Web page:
Welcome to Langley-Adams Library's Reader's Advisory blog!

For anyone who doesn't know us, we are a small library in Groveland, Massachusetts. We have a small, dedicated staff with all kinds of favorite books to read! 

We will be posting reviews of recommendations of books that we have our library collection as well as information about upcoming titles! No spoilers, we promise! 


The Langley-Adams Library Staff

My Family and Other Animals (Corfu Trilogy #1) by Gerald Durrell

“When the unconventional Durrell family can no longer endure the damp, gray English climate, they do what any sensible family would do: sell their house and relocate to the sunny Greek isle of Corfu. My Family and Other Animals was intended to embrace the natural history of the island but ended up as a delightful account of Durrell’s family’s experiences, from the many eccentric hangers-on to the ceaseless procession of puppies, toads, scorpions, geckoes, ladybugs, glowworms, octopuses, bats, and butterflies into their home.” (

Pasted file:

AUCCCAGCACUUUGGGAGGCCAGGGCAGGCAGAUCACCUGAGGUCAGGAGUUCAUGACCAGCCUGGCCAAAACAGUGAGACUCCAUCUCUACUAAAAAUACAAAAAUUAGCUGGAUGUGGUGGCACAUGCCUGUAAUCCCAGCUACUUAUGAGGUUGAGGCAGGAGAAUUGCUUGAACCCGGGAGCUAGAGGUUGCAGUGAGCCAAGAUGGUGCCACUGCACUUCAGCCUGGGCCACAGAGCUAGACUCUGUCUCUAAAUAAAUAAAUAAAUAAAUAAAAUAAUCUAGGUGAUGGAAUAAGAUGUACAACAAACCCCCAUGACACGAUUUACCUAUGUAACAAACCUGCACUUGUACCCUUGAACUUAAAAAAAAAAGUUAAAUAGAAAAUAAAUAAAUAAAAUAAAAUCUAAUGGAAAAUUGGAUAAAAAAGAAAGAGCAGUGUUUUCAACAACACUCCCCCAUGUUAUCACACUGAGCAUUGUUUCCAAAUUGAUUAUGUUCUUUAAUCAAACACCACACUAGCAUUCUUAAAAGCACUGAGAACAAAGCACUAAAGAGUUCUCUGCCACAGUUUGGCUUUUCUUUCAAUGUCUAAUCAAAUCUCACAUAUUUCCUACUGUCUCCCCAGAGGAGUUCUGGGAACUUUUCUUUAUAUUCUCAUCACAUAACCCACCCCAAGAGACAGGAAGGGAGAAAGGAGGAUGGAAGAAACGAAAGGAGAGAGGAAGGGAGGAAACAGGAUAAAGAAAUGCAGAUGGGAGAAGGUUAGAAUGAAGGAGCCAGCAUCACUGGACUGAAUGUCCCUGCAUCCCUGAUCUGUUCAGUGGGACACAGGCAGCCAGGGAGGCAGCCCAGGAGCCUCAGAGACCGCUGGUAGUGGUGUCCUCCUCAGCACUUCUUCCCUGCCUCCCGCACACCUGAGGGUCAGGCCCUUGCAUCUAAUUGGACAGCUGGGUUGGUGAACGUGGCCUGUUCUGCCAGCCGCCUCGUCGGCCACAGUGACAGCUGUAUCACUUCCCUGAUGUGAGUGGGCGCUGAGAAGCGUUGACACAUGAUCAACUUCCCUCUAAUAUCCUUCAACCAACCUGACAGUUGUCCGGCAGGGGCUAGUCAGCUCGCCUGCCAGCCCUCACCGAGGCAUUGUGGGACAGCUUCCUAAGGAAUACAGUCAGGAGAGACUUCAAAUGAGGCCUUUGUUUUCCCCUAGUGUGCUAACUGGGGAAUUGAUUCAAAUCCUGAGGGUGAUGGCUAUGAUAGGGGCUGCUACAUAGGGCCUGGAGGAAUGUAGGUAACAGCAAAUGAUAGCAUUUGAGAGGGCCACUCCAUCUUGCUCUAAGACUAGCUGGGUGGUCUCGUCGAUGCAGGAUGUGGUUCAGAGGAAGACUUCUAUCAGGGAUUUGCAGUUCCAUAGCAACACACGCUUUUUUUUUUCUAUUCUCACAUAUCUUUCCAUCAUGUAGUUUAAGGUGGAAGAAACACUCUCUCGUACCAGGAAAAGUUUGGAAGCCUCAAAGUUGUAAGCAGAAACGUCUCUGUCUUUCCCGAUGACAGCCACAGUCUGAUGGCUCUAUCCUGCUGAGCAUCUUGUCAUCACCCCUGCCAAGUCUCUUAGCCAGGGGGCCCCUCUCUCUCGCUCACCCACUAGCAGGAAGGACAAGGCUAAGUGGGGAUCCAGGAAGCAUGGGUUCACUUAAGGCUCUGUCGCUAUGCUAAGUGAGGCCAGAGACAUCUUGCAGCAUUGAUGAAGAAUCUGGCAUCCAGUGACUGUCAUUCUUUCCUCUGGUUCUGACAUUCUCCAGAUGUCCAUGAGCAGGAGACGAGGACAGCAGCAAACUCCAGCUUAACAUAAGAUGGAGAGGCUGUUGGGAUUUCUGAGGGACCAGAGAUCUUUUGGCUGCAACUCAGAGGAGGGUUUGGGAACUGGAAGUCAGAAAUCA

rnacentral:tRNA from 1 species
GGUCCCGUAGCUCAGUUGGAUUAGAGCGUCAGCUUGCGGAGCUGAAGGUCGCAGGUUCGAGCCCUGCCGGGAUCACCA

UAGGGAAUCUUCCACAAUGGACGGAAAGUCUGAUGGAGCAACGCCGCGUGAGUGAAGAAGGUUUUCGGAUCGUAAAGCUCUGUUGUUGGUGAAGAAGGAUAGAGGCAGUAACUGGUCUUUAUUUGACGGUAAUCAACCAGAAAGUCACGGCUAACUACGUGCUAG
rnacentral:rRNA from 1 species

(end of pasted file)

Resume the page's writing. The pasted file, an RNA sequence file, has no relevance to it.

I chose to read this book because of the PBS television show “The Durrells in Corfu.” I thoroughly enjoyed the show about the English family who decided to move to Greece. While I waited for the fourth season to come out I needed something to fill the void. I knew the show was based on a series so I started with the first book.
Now, I should warn you, if you are infatuated with the relationship between Louisa and Spiroand hope that this book will g…

Meg, Jo, Beth, and Amy: A Graphic Novel: A Modern Retelling of Little Women by Rey Terciero

“2018 marks the 150th anniversary of the classic Little Women by Louisa May Alcott. Join Meg, Jo, Beth, and Amy as they are re-envisioned as a blended family living in modern day NYC in this beautiful, full-color graphic novel that's perfect for fans of Raina Telemeier's Smile, Svetlana Chmakova's Awkward, and Victoria Jamieson's Roller Girl.”(

‘Little Women’ is near and dear to my heart. I love the book and the films, so naturally I would read the graphic novel. It was interesting to see little women portrayed in the present day. I liked that the characters reflected the diversity of families and addressed the issues that we face today. It wasn’t my favorite adaptation of ‘Little Women’ but I think it would be great for younger readers to be introduced to the March family.